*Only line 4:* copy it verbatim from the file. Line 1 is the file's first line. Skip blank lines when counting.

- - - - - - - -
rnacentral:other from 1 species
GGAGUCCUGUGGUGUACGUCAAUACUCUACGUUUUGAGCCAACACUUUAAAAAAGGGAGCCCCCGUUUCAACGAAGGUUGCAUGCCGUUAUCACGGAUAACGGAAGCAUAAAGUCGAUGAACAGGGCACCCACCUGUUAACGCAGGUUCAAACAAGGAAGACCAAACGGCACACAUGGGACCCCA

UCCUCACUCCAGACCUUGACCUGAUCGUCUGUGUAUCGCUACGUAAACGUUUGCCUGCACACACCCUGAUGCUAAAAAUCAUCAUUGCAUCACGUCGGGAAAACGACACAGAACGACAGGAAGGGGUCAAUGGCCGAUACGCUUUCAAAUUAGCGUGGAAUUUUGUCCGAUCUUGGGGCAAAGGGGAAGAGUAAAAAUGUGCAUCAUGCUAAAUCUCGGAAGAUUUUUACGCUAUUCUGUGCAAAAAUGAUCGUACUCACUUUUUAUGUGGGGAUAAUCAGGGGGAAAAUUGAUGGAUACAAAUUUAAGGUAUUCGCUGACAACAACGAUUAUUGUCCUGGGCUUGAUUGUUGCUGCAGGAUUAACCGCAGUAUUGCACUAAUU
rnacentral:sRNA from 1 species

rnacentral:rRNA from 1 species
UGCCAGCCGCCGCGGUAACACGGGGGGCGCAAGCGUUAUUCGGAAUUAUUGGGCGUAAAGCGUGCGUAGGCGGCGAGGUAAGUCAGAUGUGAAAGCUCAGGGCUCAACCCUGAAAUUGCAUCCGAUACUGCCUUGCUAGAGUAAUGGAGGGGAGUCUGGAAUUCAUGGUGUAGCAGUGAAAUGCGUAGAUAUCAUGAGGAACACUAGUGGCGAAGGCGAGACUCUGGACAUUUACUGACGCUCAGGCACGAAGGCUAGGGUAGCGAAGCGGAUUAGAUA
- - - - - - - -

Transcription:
rnacentral:sRNA from 1 species